Open Educational Resources, or OERs, are
teaching, learning and research materials in any medium, digital or otherwise, that reside in the public domain or have been released under an open license that permits no-cost access, use, adaptation and redistribution by others with no or limited restrictions.
~ from UNESCO
Textbook costs should not be a barrier to education. The price of textbooks has skyrocketed more than three times the rate of inflation for decades. College students face steep price tags that can top $200. ... Using OER solves this problem because the material is free online, affordable in print, and can be saved forever.
The Open Education Conference happens each year typically in October. The website contains information about the upcoming conference and session recordings from several years of previous conferences (as of January 2024, there are recordings for the keynotes from 2023 and the full conference for 2020-2022).
The North Dakota University System has compiled information about OERs from its member institutions. See the link below for access to other ND universities' OER guides and repositories, and information on conferences and other support from NDUS.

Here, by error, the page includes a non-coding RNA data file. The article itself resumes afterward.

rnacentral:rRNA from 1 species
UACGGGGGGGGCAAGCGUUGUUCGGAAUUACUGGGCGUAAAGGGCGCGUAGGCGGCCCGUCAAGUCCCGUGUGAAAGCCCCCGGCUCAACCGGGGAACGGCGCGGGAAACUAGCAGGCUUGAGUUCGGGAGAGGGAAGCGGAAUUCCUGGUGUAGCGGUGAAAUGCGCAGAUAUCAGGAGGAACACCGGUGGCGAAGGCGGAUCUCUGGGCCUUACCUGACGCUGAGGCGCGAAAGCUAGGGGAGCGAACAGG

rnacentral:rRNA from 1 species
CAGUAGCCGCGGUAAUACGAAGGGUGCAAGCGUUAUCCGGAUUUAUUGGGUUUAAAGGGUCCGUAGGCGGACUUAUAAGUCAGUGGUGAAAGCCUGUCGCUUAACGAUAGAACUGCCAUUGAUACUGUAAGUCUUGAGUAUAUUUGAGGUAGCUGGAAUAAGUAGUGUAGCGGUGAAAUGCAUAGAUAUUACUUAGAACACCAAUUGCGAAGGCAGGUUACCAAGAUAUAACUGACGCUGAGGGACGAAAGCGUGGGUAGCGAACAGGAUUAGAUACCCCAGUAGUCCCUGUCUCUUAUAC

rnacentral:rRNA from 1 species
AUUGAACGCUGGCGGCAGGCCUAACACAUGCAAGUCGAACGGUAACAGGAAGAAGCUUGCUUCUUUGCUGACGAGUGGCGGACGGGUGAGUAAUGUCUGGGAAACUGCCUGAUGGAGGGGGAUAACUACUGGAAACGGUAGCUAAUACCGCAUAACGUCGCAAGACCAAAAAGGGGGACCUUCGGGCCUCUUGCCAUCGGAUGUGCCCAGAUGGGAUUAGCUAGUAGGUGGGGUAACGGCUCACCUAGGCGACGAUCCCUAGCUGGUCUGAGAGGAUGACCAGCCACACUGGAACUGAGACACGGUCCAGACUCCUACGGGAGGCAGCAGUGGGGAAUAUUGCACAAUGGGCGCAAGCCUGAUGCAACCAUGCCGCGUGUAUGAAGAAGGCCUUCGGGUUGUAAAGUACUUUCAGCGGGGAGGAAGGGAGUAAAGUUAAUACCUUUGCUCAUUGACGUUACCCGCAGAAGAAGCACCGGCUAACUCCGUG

We are aware of a few faculty at UJ using open resources in their teaching! We're happy to put you in touch with those individuals if you'd like to hear about their experiences.
While technically an affordable course materials initiative and not OER, Raugust Library does partner with faculty to make textbooks available on course reserve, both as short-term and full semester loans. Course reserves are a library service that follow some of the same principles of OERs, namely, freely-available access to course materials.
The library purchased copies of textbooks for several courses as a pilot program in Fall 2020. These courses fulfill general education requirements and faculty agreed to use the same textbook for at least the next 5 years. As of Spring 2024 there are a dozen courses with textbooks on full-semester reserve in the library. We have not purchased textbooks in bulk in several years due to limited funding, but this program has continued to grow due to textbook donations from faculty.